Putting on a birthday bash for your kid is enormously exciting for your child, but that doesn’t mean it should equal big-time stress for you. Check out these tips for throwing a fun, engaging — and easy! — birthday party for kids, brought to you by Evite in partnership with Chiquita Bites.
Ignite the Invite. Go with an invitation that matches your child’s interests, such as a footballs and baseballs for a sporty kid, or a cowgirl-themed design for a pony fan. Kids’ calendars are packed with activities theses days, so send invitations about three weeks before the big day. Limit the party to two hours and kindly ask that guests RSVP 10 days in advance. Convey important details like “bring a towel” for a pool party or “you’ll be slumbering in your sleeping bag” for an overnight stay. Dictating the details up front, such as including siblings or letting parents know they can drop off their kids, means less confusion for your guests and less stress for you. Let your kid choose who they want to invite, but keep the guest list small. The old rule of thumb was one guest for every year of the child’s age; if you want to invite more, go ahead, but keep in mind that the more guests you invite, the more effort and cost the party will be to put together and the greater the chance that you’ll have to handle a moppet meltdown once the party’s underway.
Decide on Decorations. Give your party space instant flair with themed decorations. Take it beyond balloons and streamers with birthday banners and coordinated tablecloths. Make your own personalized banner by painting a large piece of kraft paper, then hang it low on the wall and ask guests to write notes or draw on it. (Just don’t try this with really little ones or you could end up with a decorated wall as well as a banner.) Sidewalk chalk sentiments (“Happy 8th Birthday, Aiden!”) in your driveway and on the walk in front of your home make the birthday boy or girl feel special. If you’re feeling ambitious, you can even make your own DIY colorful piñata, which doubles as a party activity. You can even have the kids decorate themselves with these DIY paper crowns!
Get Grab-and-Go Grub. Cookie-cutter sandwiches with turkey, cheese or PB&J are party pleasers for pint-sized kids; kids of any age will surely pounce on pizza or quesadillas. Keep it healthy by offering crunchy baby carrots or apple slices (we like Chiquita Bites for the convenience — they come in individual packages, so there’s no prep necessary). You can even set up a kid-friendly fondue bar for dipping fun. Serve water or juice in candy-colored cups and add pizazz with colorful paper straws. Finish off with cake or cupcakes. You can even have your kid choose the flavor and frosting, then give them a few tubes of decorator’s icing or gel, colored sugar and some sprinkles and let them decorate the cake or cupcakes any way they like before the party.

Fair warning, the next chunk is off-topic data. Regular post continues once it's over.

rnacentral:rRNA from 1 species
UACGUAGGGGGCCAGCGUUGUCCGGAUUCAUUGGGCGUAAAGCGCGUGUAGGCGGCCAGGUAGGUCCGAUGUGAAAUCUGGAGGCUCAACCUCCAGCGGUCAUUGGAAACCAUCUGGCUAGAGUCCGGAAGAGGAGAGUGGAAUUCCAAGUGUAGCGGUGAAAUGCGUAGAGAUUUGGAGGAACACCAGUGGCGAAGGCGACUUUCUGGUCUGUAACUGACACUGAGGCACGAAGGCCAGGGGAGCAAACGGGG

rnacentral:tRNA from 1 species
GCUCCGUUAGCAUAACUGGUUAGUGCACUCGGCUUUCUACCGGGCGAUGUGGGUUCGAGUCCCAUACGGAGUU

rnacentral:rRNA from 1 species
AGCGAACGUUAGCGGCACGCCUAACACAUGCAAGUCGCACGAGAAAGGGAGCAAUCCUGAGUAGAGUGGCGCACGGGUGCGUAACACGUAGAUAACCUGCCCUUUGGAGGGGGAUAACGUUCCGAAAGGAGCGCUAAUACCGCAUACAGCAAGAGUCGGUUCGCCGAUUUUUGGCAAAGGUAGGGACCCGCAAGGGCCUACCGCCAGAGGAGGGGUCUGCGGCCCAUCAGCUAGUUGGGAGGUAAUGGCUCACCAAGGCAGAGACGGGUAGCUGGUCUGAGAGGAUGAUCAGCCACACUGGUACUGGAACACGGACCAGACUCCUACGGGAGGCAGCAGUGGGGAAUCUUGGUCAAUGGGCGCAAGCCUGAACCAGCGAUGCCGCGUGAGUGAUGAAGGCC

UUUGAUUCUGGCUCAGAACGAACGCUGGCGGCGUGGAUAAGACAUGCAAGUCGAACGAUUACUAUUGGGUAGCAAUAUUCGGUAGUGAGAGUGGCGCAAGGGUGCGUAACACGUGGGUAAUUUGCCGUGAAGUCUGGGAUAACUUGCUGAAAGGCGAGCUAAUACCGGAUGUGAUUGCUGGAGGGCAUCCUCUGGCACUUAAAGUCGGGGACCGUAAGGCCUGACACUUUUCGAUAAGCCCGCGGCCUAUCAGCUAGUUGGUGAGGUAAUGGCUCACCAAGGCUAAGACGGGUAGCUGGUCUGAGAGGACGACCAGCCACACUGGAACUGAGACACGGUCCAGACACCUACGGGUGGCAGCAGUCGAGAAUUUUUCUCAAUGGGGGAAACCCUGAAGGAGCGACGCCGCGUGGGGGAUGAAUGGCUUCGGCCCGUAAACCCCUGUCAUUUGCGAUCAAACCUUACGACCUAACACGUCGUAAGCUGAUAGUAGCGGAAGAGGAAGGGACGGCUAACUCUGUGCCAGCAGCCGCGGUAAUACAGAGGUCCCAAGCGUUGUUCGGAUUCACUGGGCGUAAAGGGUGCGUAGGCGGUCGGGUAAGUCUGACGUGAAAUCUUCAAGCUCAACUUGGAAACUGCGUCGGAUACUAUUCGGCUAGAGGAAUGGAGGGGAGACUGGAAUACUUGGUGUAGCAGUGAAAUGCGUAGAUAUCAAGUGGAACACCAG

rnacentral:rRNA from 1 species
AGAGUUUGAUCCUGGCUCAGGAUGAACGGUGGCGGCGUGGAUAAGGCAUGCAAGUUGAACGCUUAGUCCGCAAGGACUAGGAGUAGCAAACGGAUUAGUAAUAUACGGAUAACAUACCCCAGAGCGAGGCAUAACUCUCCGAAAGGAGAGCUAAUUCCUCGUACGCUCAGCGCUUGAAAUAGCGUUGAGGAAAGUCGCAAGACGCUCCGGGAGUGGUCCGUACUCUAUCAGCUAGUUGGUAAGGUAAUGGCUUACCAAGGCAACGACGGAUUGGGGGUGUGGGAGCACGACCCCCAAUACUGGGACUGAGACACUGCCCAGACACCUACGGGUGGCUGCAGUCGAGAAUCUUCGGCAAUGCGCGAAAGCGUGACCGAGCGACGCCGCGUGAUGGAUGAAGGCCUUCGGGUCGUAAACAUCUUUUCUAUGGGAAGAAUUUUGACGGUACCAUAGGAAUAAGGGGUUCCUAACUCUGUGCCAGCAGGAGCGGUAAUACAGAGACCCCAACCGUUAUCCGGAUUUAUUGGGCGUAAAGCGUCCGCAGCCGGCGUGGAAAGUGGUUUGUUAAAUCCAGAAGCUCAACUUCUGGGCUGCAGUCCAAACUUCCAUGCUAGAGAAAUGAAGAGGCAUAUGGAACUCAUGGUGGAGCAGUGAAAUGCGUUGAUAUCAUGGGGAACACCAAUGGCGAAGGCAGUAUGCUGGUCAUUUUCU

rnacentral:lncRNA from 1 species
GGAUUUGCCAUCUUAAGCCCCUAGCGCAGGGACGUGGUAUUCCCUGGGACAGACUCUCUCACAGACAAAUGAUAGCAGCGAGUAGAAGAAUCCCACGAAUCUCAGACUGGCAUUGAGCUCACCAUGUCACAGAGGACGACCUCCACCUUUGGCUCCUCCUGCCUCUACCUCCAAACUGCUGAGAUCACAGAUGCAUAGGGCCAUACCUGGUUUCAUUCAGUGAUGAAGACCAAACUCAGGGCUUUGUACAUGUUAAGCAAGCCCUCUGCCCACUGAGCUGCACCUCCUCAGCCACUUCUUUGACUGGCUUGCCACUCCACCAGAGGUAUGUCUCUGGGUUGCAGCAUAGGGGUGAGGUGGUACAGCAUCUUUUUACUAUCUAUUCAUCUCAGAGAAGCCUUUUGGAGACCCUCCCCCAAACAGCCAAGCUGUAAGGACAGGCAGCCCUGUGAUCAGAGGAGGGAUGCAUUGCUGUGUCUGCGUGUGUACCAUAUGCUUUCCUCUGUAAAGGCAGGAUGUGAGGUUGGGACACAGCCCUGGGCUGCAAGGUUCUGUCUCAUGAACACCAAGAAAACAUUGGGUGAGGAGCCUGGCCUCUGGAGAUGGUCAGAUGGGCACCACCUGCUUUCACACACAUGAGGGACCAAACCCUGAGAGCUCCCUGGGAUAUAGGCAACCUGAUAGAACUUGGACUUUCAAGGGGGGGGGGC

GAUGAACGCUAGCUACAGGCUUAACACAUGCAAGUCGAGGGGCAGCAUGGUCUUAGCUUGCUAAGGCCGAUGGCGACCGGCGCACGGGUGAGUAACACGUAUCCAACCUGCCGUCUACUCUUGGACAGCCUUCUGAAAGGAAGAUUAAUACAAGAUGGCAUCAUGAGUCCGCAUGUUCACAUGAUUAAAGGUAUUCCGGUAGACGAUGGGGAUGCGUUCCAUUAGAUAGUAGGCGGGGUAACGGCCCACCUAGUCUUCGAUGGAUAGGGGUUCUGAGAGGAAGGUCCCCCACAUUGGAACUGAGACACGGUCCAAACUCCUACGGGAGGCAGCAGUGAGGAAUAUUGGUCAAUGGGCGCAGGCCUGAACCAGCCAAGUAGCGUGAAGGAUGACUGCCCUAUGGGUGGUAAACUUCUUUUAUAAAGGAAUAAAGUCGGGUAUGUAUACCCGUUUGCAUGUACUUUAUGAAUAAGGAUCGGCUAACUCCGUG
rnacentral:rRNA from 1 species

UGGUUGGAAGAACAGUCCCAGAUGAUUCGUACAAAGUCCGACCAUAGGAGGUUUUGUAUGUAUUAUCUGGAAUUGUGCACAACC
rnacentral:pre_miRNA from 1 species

Keep ’Em Busy. Start the celebration with a craft project or another relatively quiet activity to keep the children occupied while guests arrive. For example, you might have the kids decorate T-shirts or party hats they can take home as favors. Other ideas: paper for paper airplanes, modeling clay, coloring books and crayons or stickers and sticker books. Next, move to a more active, er, activity. Pin the Tail on the Donkey and Musical Chairs may come to mind, but they may not be your best bet, since too many players don’t actually play at any given time. Instead, try this varation on Musical Chairs: Rather than a kid going out, they become the DJ for the next round, after which they join the group again. Or choose games kids can all play together, like charades, treasure hunts, relay races, singalongs or dancing. Finally, serve the cake, and, if you so choose, open presents. Some parents feel that opening gifts in front of the givers allows them to share in the recipient’s joy; others think opening presents during the party is asking for trouble, since their child may get distracted with new toys or be overly blunt if they don’t like a gift. Keep in mind that watching someone else unwrap endless gifts is sure to send any tot into a tailspin, so skip it if your guest list is large. If you do decide to wait until after the party, put presents in another room as guests arrive so they’re less of a temptation.
Say Thanks. Help parents make the party-to-car transition a smooth one. Give little guests a parting gift they’ll love, like a colorful lollipop that says “Thanks for making my birthday sweet!” If the party has a theme, let that guide your choice. Craft projects kids make at the party become fantastic favors, but you might also hand out blowing bubbles, yo-yos, books, magic tricks, barrettes or fancy pencils and pads. Remember to place goody bags near the door so you don’t forget to dole them out. And make sure to give your little one the gift of good manners. End the excitement on a high note by having your kiddo walk guests to the door and say thanks for coming.
NEXT: Get even more kids’ birthday party ideas.